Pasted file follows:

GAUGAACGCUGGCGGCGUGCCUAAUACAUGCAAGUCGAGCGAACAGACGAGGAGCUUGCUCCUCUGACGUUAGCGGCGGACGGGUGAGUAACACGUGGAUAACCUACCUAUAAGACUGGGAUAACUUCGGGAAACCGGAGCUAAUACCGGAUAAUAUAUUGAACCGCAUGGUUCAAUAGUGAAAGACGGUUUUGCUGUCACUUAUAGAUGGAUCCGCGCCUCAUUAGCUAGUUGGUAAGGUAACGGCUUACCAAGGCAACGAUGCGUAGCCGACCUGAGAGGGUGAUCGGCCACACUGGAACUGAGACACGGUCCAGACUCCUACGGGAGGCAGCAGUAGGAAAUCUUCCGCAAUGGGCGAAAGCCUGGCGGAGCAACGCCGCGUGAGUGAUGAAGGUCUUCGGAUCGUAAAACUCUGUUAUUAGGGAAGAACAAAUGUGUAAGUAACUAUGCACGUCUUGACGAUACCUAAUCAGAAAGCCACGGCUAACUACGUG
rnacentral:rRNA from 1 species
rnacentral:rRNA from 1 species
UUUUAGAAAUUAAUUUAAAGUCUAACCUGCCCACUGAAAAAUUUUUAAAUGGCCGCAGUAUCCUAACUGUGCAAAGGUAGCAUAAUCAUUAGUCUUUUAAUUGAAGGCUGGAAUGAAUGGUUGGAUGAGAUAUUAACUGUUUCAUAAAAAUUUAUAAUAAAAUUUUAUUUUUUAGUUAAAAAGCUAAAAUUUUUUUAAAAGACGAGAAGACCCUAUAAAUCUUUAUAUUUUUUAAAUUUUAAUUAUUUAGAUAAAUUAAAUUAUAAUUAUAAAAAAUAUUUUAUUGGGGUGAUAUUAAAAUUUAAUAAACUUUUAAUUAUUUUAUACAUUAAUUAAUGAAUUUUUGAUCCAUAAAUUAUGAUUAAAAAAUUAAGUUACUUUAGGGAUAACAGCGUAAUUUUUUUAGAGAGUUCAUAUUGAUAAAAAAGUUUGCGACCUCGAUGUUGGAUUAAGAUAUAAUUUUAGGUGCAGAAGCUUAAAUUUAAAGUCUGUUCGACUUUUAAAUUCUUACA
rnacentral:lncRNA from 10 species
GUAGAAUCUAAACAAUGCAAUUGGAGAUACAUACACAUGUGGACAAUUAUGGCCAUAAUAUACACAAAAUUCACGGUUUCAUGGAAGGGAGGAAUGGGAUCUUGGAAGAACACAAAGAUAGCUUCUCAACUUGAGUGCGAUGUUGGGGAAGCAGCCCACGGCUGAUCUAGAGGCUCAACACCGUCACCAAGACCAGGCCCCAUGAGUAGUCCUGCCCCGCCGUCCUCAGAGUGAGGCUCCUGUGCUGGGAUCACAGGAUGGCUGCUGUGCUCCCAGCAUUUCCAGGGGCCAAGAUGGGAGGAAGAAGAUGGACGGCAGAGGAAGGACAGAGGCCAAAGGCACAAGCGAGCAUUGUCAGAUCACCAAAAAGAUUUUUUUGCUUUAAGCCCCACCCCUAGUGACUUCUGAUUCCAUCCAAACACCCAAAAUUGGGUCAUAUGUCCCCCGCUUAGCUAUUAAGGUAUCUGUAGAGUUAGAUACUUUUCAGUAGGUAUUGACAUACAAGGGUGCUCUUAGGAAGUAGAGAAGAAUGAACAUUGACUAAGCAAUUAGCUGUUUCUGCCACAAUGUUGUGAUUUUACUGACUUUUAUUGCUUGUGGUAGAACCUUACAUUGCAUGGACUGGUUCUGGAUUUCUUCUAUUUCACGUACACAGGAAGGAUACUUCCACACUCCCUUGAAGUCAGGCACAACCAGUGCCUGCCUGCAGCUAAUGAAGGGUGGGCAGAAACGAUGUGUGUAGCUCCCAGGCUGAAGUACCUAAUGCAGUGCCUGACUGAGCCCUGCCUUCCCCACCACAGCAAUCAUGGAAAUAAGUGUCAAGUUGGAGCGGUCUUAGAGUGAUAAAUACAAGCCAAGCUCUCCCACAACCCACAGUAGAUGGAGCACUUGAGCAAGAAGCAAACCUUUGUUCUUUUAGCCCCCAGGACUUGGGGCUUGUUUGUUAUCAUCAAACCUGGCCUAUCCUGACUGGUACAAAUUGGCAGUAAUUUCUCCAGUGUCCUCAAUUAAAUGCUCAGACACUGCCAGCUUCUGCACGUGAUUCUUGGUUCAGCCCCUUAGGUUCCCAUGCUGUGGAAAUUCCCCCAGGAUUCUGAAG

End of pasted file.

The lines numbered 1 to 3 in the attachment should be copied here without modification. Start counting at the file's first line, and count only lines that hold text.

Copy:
GAUGAACGCUGGCGGCGUGCCUAAUACAUGCAAGUCGAGCGAACAGACGAGGAGCUUGCUCCUCUGACGUUAGCGGCGGACGGGUGAGUAACACGUGGAUAACCUACCUAUAAGACUGGGAUAACUUCGGGAAACCGGAGCUAAUACCGGAUAAUAUAUUGAACCGCAUGGUUCAAUAGUGAAAGACGGUUUUGCUGUCACUUAUAGAUGGAUCCGCGCCUCAUUAGCUAGUUGGUAAGGUAACGGCUUACCAAGGCAACGAUGCGUAGCCGACCUGAGAGGGUGAUCGGCCACACUGGAACUGAGACACGGUCCAGACUCCUACGGGAGGCAGCAGUAGGAAAUCUUCCGCAAUGGGCGAAAGCCUGGCGGAGCAACGCCGCGUGAGUGAUGAAGGUCUUCGGAUCGUAAAACUCUGUUAUUAGGGAAGAACAAAUGUGUAAGUAACUAUGCACGUCUUGACGAUACCUAAUCAGAAAGCCACGGCUAACUACGUG
rnacentral:rRNA from 1 species
rnacentral:rRNA from 1 species